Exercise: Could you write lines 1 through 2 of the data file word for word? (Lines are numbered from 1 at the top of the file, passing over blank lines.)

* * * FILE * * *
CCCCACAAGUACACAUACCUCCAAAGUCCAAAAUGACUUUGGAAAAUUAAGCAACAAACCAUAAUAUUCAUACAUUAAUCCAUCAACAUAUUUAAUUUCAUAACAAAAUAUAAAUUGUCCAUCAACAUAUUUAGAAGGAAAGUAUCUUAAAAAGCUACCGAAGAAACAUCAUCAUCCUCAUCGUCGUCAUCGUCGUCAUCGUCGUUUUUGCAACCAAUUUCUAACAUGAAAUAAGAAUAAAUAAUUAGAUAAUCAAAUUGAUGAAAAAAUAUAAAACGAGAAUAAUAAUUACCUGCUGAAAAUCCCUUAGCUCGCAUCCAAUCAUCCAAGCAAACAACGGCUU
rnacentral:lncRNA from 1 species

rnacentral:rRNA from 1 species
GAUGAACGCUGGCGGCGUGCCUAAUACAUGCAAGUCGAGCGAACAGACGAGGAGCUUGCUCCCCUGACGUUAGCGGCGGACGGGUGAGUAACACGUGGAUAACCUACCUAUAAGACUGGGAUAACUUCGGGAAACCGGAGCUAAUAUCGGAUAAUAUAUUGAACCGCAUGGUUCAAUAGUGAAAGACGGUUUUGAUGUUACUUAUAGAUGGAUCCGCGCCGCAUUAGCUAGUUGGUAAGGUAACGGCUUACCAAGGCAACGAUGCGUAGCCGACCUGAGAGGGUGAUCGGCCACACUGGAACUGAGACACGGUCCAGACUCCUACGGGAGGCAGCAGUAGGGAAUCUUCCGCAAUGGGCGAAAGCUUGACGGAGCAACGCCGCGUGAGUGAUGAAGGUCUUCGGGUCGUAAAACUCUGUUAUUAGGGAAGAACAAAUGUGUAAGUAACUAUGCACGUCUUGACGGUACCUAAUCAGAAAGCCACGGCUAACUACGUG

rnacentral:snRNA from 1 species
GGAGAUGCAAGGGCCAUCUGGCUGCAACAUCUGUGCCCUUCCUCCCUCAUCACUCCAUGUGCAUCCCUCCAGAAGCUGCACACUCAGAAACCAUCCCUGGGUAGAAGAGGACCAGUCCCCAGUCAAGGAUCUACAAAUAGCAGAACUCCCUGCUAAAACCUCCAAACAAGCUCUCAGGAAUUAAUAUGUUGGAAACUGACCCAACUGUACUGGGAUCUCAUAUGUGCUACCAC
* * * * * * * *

CCCCACAAGUACACAUACCUCCAAAGUCCAAAAUGACUUUGGAAAAUUAAGCAACAAACCAUAAUAUUCAUACAUUAAUCCAUCAACAUAUUUAAUUUCAUAACAAAAUAUAAAUUGUCCAUCAACAUAUUUAGAAGGAAAGUAUCUUAAAAAGCUACCGAAGAAACAUCAUCAUCCUCAUCGUCGUCAUCGUCGUCAUCGUCGUUUUUGCAACCAAUUUCUAACAUGAAAUAAGAAUAAAUAAUUAGAUAAUCAAAUUGAUGAAAAAAUAUAAAACGAGAAUAAUAAUUACCUGCUGAAAAUCCCUUAGCUCGCAUCCAAUCAUCCAAGCAAACAACGGCUU
rnacentral:lncRNA from 1 species